what is seen as you buzz past on the N3.
Through Estcourt, Colenso, Ladysmith and
on to Newcastle where we stayed over. The
temperatures on this day had hit the 30+
degree mark, which was a shock to the
system after the cold in the Western Cape.
We were cooking in our leathers. Passed
many, many goats and cows in our travels
through the province, even having to do some
rapid stops when they crossed the road. Eyes
were on high alert at all times.
At this point we had to start our road
home. First we crossed the Lang’s Nek Pass;
the first pass where I felt complete confidence
in the corners. We went through Mpumalanga
back into Gauteng. Through Volksrus,
Standerton, Evander and Leandra. Very
similar views to the North West; large fields,
the odd mine, silos in the distance. One last
tough stretch as we rode the R50 between
Leandra and the R25 in Kempton Park.
Trucks have done some serious damage
here, leaving the roads uneven and bumpy.
It was downright dangerous in parts. Add
in the wind, the trucks slowing us down at
every turn and trucks causing huge vortices
of air as they passed on the opposing lane;
it was most unpleasant. But at least the
road was leading us home, to a hot shower
and clean clothes. To us not having to wear
jeans and biker boots for a change. Home to
family and friends, where we could regale our
stories from our epic journey. I must confess I
choked up a bit as I got to the street where I
live, thinking of what we had done.
What did we learn on our travels? We
realised just how much we love riding bikes,
even after that many kilometres. We learned
how our bikes handled a multitude of
conditions, and that the Daytona (and I) can
do far more than I expected... We needed to
pack far less than we thought you did. You
can go online and order laundry services
in major towns. Google Maps sometimes
gets it wrong; we treated this as a chance
to add to the adventure. It’s best to use a
reliable bookings app for accommodation at
the last minute, the one we used served us
well. We were open to new experiences. We
embraced the unexpected; it just added to
the fun… I learned so many new skills out
there on the road that I figure that maybe
it’s time I take the label “learner rider” off
myself. We learned that it’s good to be social,
meet new people, and chat to them. And to
forgive them when they direct us on a road
we had no business using on motorbikes.
And to always do journeys like this with
someone you can truly share the experience
and adventure with, someone who is
compatible in more ways than just riding.
Most importantly, we learned that despite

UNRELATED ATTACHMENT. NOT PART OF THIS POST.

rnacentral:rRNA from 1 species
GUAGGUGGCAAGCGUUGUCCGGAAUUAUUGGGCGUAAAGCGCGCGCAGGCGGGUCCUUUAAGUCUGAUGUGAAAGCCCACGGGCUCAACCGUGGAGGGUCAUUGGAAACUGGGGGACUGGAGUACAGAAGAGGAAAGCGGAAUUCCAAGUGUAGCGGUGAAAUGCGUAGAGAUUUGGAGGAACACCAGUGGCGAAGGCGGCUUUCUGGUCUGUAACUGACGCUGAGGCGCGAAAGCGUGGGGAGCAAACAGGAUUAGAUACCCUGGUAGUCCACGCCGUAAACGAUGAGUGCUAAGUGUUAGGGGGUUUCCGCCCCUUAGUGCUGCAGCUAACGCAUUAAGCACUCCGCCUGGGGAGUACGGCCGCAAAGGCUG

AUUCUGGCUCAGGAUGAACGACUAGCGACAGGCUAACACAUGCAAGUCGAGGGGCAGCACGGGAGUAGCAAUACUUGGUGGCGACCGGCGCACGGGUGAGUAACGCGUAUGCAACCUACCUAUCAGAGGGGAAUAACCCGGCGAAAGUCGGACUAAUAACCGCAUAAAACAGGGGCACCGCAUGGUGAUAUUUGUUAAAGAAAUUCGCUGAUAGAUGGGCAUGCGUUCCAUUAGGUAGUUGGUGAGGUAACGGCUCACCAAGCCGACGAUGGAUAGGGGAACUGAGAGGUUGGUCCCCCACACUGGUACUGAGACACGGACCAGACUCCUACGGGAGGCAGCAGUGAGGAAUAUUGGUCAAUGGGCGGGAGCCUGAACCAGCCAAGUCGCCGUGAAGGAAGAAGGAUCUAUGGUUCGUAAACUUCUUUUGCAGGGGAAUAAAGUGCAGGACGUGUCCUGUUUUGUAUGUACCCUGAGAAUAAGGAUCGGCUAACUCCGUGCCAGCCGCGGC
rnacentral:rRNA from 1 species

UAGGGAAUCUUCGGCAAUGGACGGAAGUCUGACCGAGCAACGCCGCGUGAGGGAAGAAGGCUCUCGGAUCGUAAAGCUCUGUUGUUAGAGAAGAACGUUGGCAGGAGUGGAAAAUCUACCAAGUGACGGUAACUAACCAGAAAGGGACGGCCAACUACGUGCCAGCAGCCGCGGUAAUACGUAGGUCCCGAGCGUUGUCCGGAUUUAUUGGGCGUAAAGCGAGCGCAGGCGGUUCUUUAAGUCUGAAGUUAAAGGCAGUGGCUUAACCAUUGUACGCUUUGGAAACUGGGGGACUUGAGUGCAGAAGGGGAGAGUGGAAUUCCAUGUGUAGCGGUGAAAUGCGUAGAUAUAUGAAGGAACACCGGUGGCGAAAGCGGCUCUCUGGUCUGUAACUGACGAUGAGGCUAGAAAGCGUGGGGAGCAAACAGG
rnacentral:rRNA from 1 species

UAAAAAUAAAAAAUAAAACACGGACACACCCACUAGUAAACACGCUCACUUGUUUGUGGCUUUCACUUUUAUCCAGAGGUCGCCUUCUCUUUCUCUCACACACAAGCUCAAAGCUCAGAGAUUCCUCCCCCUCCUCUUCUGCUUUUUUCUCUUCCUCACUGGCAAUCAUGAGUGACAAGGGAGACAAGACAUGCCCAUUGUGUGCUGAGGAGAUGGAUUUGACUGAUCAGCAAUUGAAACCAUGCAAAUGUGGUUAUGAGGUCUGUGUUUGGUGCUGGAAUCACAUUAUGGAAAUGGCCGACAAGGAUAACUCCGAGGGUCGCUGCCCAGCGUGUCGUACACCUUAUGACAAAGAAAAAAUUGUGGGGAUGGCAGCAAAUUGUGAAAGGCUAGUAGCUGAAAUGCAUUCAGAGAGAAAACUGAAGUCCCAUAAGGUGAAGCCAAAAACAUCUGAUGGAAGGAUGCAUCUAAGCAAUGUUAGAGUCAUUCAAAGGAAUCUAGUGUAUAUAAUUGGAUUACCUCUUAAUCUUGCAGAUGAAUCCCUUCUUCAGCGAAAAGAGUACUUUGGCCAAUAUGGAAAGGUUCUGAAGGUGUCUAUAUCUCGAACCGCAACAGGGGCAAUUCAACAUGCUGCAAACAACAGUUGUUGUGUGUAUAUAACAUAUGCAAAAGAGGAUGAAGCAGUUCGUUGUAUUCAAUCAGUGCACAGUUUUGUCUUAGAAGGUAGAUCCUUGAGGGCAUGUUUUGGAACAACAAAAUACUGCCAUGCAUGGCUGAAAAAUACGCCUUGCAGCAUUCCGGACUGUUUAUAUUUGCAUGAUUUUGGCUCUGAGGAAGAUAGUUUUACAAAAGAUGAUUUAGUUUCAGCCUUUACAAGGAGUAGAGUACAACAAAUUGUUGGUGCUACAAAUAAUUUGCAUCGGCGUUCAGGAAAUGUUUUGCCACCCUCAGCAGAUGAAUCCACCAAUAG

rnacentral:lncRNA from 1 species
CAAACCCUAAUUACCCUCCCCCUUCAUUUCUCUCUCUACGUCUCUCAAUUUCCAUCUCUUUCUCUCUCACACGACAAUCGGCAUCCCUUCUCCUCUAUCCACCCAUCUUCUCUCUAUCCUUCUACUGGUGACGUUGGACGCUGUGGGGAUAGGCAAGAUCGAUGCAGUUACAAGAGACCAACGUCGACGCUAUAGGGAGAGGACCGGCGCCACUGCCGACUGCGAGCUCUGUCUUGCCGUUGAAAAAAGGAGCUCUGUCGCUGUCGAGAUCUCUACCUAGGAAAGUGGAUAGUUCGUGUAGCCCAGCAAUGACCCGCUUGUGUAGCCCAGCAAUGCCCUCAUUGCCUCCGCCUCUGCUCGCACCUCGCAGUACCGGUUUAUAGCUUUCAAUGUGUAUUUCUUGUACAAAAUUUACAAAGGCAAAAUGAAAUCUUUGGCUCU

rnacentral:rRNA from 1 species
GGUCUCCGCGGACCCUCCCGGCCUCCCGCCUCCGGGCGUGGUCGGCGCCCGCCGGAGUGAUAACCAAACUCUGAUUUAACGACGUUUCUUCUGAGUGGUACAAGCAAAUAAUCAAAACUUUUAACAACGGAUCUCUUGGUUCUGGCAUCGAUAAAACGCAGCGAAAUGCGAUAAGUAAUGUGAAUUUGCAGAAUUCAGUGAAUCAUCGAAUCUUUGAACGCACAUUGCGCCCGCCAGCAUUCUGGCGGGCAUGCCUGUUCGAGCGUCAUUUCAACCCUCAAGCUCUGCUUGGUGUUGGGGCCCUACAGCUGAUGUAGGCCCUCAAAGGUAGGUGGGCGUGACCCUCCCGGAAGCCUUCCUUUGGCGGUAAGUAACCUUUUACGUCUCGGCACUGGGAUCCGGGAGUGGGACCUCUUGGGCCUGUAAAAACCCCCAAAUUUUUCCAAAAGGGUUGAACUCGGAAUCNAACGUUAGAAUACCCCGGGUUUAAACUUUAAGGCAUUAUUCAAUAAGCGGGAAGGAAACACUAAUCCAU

politicians, criminals and nay-sayers who tell a
different story, South Africa is a great country
filled with great people.
58 RIDEFAST MAGAZINE NOVEMBER 2018
7 ROUND SERIES CONFIRMED:
• Redstar Raceway
• Phakisa Freeway
• Aldo Scribante, Port Elizabeth
• East London Grand Prix Circuit
• Kyalami Grand Prix Circuit
Dates to be confirmed.
For more information email firstname.lastname@example.org
Dunlop SA & RideFast Magazine are proud supporters
2019 is set to see the launch of a brand new Motorcycle Racing Series in
South Africa comprising of 7 rounds across the country.
The Monocle Motorcycle Racing Series is aimed at bringing affordable, fun
racing to the masses - from eager track day rider to breakfast run warriors
- this Series is For the Riders, by the Riders!
The Series will cater for a range of bikes and riders, with classes such as:
• BOTTS Masters
• Ultimate Superbike 1000cc & Supersport 600cc
• Supersport 300
• Classic Racers
• StreetBike Racers - newcomers/road bikes welcome
Entry fee is capped at R1500 per rider - enter as many classes as you like
and only pay R1500.
You don’t have to belong to a racing association, no special racing license is
required - all you need is an active medical aid scheme.
Dunlop SA have come on board as a supporter of the Series and will offer
all riders discount on racing tyres but riders are welcome to use whatever
tyres they like - there is NO single tyre rule!
RideFast Magazine will publish all the races in the magazine over the year,
giving the Series massive amounts of coverage.
All bikes and riders welcome! The only rule is to have fun!
Brought to you by
The Pinlock Anti-Fog system.
A famous karate instructor,
Sensei Strugnell always said:
Man with no eyes cannot fight.
Well the same applies to riding a motorcycle.
If you cannot see, you cannot ride. We often
have the debate about tinted visors Vs clear
– tinted look marvelous and works well in the
sunshine – but if you get caught outside in the
dark, or in the rain, visibility becomes an issue.
With all the rain around, you might want to
pay this a bit of attention – and while you are
at it, have a quick thought about a visor that
steams up. It’s crap, you can’t see – you end
up fl ipping your visor open and the rain stings
your eyes and your nose - making life rather
While shopping for your next helmet, you
may have seen the term “Pinlock ready” or
“Pinlock insert included.” Simply put, Pinlock
is the best anti-fog solution available today.
Anyone who has ridden with a full-face
helmet in cold or wet weather should know
how important it is to keep your visor fog-free.